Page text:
Everyone has image of the SAS: feats of physical endurance involving over-muscled men yomping across the landscape, soldiers in balaclavas abseiling down the side of the Iranian embassy, news stories of secret soldiers carrying out operations in farflung warzones, long on drama, but usually short on detail.
The true story of the wartime SAS, I discovered, is very different from the myth.
It is an astonishing adventure story, filled with tales of physical endurance, courage and survival. But it is much more than that.
Many books about the SAS have focused on a single individual, consequently downplaying the impact of others; some veer towards the hagiographic; many are somewhat over-muscled, tending to emphasize machismo at the expense of objectivity, physical strength over the psychological stamina that was the hallmark of the organization in its earliest incarnation. While many members of the wartime SAS exhibited extraordinary qualities, they were also human: flawed, occasionally cruel, and capable of making spectacular mistakes. The SAS has become a legend, but the true story contains darkness as well as light, tragedy and evil alongside heroism: it is a tale of unparalleled bravery and ingenuity, interspersed with moments of rank incompetence, raw brutality and touching human frailty.
Bravery sometimes comes in unexpected forms, and in places far from the battlefield. The wartime history of the SAS is a rattling adventure story, but in my book, SAS: ROGUE HEROES, I have also tried to explore the psychology of secret, unconventional warfare, a particular attitude of mind at a crucial moment in history, and the reactions of ordinary people to extraordinary wartime circumstances.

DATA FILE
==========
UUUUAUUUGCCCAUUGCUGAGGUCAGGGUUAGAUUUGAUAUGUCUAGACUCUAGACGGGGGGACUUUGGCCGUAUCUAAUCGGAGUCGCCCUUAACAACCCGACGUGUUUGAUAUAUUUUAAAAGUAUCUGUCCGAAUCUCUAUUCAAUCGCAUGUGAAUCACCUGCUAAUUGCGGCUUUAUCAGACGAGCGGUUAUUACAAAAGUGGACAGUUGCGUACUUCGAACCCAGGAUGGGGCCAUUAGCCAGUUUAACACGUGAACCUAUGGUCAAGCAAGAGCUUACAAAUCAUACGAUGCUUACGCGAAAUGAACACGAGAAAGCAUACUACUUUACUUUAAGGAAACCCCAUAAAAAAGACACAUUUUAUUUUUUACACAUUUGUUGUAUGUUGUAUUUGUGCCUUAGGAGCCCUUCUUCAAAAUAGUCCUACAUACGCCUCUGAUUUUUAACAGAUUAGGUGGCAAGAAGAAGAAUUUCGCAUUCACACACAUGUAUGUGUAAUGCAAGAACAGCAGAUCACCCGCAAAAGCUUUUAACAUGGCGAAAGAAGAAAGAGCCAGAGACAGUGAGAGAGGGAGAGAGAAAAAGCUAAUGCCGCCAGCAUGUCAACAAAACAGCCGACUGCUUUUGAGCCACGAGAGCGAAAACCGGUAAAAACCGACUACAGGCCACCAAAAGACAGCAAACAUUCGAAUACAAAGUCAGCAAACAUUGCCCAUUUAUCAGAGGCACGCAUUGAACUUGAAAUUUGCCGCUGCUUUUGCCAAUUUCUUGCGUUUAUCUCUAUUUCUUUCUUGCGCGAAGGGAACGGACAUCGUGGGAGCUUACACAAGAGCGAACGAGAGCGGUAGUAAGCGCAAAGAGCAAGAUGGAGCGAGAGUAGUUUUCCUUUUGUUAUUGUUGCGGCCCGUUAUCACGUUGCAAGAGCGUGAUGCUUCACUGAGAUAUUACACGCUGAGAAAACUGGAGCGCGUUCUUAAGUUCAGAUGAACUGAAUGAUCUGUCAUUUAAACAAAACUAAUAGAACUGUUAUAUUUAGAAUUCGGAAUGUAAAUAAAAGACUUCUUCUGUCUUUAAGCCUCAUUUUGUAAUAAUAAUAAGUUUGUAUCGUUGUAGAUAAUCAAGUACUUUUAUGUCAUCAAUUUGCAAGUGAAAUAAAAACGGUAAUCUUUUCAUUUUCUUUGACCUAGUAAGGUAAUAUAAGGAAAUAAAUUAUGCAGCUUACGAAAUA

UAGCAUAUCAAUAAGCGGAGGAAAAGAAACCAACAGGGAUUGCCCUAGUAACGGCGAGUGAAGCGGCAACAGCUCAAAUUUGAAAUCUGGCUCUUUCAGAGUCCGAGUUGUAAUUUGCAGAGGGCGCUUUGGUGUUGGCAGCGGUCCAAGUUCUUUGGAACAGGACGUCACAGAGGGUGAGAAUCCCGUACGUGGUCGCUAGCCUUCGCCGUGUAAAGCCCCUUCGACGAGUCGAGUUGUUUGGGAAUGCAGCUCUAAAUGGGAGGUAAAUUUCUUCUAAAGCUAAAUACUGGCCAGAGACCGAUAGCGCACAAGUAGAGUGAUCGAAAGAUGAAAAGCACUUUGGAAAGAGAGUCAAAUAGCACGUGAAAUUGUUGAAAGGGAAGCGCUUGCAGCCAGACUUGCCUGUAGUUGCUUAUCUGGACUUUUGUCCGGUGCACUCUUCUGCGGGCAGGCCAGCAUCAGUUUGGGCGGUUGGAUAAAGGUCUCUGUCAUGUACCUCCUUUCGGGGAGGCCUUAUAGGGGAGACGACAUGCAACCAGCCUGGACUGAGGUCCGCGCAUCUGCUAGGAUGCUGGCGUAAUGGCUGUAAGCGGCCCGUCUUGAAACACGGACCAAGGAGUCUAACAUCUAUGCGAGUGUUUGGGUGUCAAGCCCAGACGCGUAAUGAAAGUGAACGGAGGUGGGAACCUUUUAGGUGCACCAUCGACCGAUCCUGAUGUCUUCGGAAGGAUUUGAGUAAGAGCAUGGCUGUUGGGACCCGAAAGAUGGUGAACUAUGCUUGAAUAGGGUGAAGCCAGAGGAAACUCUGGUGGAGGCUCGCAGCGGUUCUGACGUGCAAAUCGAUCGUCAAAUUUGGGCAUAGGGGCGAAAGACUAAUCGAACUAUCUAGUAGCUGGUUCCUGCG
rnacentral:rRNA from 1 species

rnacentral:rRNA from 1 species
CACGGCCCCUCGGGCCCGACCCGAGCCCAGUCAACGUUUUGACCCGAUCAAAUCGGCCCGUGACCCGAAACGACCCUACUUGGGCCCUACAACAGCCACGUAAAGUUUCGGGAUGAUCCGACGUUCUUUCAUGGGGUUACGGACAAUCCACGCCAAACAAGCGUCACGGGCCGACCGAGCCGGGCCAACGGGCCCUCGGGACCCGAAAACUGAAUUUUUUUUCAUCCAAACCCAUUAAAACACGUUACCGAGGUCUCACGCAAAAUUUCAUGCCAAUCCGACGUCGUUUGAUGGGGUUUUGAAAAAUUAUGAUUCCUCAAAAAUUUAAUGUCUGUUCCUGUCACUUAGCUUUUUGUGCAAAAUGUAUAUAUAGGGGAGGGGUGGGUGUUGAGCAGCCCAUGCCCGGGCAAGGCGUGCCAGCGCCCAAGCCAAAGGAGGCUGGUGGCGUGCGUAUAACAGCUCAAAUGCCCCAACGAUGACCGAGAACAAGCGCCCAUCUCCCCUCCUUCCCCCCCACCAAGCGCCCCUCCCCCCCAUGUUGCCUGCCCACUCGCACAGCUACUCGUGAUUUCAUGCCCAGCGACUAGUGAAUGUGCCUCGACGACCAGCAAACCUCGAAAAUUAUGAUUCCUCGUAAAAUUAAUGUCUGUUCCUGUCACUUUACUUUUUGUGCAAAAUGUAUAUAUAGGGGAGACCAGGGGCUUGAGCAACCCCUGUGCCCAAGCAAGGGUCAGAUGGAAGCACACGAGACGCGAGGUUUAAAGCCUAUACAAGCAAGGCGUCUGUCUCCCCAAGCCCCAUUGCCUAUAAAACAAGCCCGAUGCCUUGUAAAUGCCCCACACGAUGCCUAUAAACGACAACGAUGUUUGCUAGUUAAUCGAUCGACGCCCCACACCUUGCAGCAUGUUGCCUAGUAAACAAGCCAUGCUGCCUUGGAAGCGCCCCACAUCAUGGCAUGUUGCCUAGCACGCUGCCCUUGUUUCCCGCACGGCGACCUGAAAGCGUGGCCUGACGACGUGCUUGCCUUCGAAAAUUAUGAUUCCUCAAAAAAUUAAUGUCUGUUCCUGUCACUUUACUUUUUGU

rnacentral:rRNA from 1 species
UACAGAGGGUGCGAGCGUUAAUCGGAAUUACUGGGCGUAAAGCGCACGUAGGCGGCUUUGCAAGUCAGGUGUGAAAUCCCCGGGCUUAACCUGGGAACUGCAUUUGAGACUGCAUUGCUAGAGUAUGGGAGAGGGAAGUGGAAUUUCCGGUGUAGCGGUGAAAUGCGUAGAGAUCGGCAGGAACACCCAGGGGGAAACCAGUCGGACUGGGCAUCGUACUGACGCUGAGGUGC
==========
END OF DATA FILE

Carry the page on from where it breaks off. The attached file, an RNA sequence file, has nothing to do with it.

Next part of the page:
Rather to my surprise, this turned out to a book about the meaning of courage.
Ben Macintyre is the bestselling author of several books including A Spy Among Friends, Operation Mincemeat and Agent Zigzag, which was shortlisted for the Costa Biography Award and the Galaxy British Book Award for Biography of the Year 2008. He is a columnist and Associate Editor at The Times.
On Saturday 1 July at 6.45pm, he will be at Chalke Valley History Festival to tell the story of David Stirling, the eccentric young officer who was given permission by Churchill to recruit the most ruthless soldiers he could find, thereby founding the most mysterious military organisation in the world: the SAS.
Tickets are available here.